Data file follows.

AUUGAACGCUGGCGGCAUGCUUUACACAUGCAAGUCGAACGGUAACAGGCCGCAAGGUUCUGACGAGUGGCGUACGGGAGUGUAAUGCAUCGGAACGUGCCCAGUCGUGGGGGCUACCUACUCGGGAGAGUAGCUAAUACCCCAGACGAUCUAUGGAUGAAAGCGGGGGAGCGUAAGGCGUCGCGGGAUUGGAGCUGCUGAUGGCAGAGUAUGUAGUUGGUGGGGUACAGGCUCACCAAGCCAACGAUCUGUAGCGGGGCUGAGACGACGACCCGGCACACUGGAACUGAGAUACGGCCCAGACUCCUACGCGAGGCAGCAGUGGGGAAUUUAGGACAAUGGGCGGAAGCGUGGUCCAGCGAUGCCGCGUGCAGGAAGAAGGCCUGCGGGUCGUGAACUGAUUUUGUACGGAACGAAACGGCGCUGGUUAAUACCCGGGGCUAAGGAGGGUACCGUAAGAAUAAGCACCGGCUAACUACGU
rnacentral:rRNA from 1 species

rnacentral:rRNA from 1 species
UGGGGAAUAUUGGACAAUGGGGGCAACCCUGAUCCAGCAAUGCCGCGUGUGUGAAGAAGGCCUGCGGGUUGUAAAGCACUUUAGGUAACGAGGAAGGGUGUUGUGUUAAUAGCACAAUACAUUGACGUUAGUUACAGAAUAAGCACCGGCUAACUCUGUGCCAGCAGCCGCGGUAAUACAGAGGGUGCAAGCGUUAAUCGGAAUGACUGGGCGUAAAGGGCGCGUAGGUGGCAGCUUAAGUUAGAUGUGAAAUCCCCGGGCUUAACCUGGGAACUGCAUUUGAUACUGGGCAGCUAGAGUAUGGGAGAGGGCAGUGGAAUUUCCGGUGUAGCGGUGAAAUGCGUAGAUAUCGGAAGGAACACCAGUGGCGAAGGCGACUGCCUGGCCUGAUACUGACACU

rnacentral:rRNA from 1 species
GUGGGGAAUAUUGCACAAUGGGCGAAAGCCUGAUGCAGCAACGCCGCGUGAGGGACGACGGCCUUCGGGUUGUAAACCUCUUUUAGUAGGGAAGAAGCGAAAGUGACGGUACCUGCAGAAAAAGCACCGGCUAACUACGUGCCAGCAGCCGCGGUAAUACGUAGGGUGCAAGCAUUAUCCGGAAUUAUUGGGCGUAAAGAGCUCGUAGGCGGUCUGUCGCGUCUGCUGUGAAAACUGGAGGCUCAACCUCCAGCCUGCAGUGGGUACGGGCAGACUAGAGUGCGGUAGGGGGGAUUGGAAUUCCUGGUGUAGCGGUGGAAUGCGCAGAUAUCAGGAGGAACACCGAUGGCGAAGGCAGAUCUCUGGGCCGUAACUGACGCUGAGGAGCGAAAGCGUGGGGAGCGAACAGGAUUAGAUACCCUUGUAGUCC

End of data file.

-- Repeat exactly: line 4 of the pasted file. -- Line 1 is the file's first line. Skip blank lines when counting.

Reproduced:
UGGGGAAUAUUGGACAAUGGGGGCAACCCUGAUCCAGCAAUGCCGCGUGUGUGAAGAAGGCCUGCGGGUUGUAAAGCACUUUAGGUAACGAGGAAGGGUGUUGUGUUAAUAGCACAAUACAUUGACGUUAGUUACAGAAUAAGCACCGGCUAACUCUGUGCCAGCAGCCGCGGUAAUACAGAGGGUGCAAGCGUUAAUCGGAAUGACUGGGCGUAAAGGGCGCGUAGGUGGCAGCUUAAGUUAGAUGUGAAAUCCCCGGGCUUAACCUGGGAACUGCAUUUGAUACUGGGCAGCUAGAGUAUGGGAGAGGGCAGUGGAAUUUCCGGUGUAGCGGUGAAAUGCGUAGAUAUCGGAAGGAACACCAGUGGCGAAGGCGACUGCCUGGCCUGAUACUGACACU